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Wednesday, 18 October 2017 14:41

Haywood hires interim county manager

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Haywood County native Joel R. Mashburn has been selected to serve as interim county manager following the recent and unexpected departure of former County Manager Ira Dove on Oct. 3.

“It’s hard to express just how exciting it is,” Mashburn said of the opportunity to serve his home county after almost four decades in local government.

Mashburn is a graduate of Waynesville High School’s class of 1964 and earned his bachelor’s degree in business administration from Western Carolina University, where he also acquired a master’s degree in public administration; Mashburn has also completed coursework in county administration at the UNC School of Government.

His professional career consists of a lengthy stint in local government; he served as Macon County manager from 1974 to 1979, Henderson County administrator from 1979 to 1984, Greenville (S.C.) County administrator from 1984 to 1988, and Iredell County manager for 23 years, from 1988 to his retirement in 2011.

“He’s what I’d like to be when I grow up,” said Waynesville Town Manager Rob Hites. “He really is one of my heroes.”

Hites served as town manager in Statesville and overlapped with Mashburn when Mashburn was with Iredell County.

“Joel is one of the most respected people in our profession,” Hites continued. “I just can’t say enough about the board’s wisdom in selecting him. He brings a tremendous amount of experience to the position.”

A resolution passed by the Henderson County Board of Commissioners on April 20, 2011, just prior to his June 30 retirement recognized Mashburn for a host of contributions he made while there, including adoption of the first flood ordinance, a bond issue for a school and a hospital and implementation of the county’s first land use plan.

Since then, he hasn’t let his skills get rusty — Mashburn accepted a position as the interim town manager of Catawba in 2013, which he held until 2015.

Mashburn is expected to begin work in Haywood County once a contract is adopted by Haywood Commissioners, probably Nov. 6.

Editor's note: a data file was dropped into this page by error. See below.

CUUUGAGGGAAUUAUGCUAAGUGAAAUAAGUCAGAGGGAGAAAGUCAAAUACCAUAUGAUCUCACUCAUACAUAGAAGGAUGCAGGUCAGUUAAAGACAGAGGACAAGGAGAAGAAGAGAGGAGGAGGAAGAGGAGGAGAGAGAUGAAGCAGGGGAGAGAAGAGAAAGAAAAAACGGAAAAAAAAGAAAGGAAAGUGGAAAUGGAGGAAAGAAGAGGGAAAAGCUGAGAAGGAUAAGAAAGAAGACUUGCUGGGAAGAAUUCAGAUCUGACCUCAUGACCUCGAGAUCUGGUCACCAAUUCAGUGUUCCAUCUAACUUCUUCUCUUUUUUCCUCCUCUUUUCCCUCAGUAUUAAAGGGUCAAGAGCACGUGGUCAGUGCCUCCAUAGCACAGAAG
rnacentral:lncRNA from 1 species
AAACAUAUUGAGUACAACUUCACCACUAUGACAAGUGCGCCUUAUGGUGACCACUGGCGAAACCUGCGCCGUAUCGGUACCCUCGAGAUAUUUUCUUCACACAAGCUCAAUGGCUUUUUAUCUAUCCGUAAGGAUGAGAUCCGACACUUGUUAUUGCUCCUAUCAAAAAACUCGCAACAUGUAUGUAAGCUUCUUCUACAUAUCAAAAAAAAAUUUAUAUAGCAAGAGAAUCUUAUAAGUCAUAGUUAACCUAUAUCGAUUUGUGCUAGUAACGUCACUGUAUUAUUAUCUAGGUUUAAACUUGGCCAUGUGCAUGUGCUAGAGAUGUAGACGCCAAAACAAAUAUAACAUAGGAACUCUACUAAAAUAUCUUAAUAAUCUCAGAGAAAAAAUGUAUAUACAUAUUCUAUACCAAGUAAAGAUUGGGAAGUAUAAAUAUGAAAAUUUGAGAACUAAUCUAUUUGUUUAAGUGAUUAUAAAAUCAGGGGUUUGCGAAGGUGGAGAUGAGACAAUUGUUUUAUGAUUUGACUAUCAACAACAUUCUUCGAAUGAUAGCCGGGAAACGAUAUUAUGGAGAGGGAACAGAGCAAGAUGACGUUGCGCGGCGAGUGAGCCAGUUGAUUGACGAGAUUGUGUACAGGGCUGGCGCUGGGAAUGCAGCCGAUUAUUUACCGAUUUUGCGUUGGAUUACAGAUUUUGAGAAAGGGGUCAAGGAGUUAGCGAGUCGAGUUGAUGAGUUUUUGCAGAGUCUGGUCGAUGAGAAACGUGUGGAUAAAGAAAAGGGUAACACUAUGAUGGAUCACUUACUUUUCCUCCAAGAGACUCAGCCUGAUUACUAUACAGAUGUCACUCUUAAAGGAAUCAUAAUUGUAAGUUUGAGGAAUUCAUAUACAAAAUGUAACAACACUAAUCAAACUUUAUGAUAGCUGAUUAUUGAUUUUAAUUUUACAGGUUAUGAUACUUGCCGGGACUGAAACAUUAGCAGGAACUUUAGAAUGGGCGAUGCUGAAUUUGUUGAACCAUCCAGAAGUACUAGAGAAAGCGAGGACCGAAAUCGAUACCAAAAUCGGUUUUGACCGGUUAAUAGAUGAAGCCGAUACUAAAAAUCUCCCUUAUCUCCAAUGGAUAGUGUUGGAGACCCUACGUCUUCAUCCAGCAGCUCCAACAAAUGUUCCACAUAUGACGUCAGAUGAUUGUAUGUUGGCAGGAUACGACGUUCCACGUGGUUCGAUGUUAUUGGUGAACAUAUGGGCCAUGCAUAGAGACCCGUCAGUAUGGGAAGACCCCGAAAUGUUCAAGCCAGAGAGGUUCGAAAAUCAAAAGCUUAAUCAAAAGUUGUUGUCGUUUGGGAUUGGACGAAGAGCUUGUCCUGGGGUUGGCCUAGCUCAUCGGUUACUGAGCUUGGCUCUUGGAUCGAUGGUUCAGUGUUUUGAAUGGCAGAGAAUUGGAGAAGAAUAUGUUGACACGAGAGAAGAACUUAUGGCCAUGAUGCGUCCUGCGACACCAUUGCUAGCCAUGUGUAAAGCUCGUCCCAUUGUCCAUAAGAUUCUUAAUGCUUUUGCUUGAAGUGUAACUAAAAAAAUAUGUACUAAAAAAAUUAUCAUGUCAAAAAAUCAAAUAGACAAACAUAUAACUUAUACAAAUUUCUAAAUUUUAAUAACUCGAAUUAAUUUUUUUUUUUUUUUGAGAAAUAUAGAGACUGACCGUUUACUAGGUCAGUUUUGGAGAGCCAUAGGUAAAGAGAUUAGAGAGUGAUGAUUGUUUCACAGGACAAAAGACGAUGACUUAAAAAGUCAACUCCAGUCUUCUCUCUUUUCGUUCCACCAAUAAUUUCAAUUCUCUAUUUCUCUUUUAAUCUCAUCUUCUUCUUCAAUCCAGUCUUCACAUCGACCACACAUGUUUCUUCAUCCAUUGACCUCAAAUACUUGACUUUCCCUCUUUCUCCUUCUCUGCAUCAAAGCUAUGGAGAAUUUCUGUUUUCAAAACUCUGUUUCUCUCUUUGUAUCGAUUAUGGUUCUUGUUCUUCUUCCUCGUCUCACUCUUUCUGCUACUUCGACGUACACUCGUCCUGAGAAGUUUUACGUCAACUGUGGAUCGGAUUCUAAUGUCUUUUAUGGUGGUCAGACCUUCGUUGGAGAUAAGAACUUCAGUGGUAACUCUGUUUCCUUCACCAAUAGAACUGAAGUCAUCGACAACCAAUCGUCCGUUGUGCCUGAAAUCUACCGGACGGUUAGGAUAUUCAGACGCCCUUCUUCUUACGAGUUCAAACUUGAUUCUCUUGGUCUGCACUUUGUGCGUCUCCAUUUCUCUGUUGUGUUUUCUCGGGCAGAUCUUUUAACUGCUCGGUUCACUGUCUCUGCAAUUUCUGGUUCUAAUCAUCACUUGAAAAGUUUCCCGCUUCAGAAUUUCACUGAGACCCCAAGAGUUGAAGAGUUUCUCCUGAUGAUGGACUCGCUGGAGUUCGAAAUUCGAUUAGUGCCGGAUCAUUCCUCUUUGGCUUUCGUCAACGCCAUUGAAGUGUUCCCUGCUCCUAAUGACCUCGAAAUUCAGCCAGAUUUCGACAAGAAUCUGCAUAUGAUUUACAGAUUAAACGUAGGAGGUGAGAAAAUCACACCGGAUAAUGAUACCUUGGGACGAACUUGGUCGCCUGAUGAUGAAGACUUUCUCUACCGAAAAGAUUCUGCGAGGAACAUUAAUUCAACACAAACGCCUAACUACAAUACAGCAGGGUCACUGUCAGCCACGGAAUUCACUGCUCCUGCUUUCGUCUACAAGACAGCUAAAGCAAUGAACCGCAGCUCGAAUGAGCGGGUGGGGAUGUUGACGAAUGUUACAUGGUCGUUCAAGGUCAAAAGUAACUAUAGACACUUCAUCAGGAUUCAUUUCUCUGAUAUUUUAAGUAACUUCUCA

Although details of the contract were still being worked out at press time — after commissioners in closed session voted to hire him Oct. 16 — Mashburn will be part-time and work no more than 1,000 hours per calendar year.

Figures weren’t immediately available, but speculation is he’ll earn about $60 an hour.

He’ll be paid hourly and won’t receive benefits, but will be reimbursed for mileage and travel costs, and possibly be issued a county-owned cell phone as well; Mashburn will work no more than 30 hours a week on average, so as not to affect his current retirement benefits.

Although no term of employment had been discussed, Mashburn will not only help the county carry on the day-to-day business of administration but will also likely assist in the search for his permanent replacement.

“That was discussed, and to the extent that the commissioners want me involved, I’d love to be,” Mashburn said, adding that he had performed such duties in the past and was “more than willing” to do so here.

“He’s so well respected,” Hites said, “that he’ll probably help draw some very talented applicants to the permanent position.”

Mashburn received the Order of the Long Leaf Pine — the state’s highest civilian honor — in March, 2001; his brother, James, currently serves as an alderman in the town of Clyde.

 

June Ray’s replacement selected

Senior Resident Superior Court Judge Brad Letts has selected Hunter Plemmons, a 34-year-old native of Waynesville, as the next Clerk of Superior Court in Haywood County.

Tuscola grad and N.C. State alum Plemmons is currently an attorney with the Aceto law firm in Asheville, which concentrates on business, charitable and religious organizations, commercial and real property transactions, trusts, estates, intellectual property, arbitration and mediation.

He replaces Ray, who recently announced her departure after 15 years; Ray will take a similar position for the Eastern Band of Cherokee Indians.

Plemmons will, if he so desires, have to defend his appointment in the 2018 election that would have marked the expiration of Ray’s term.

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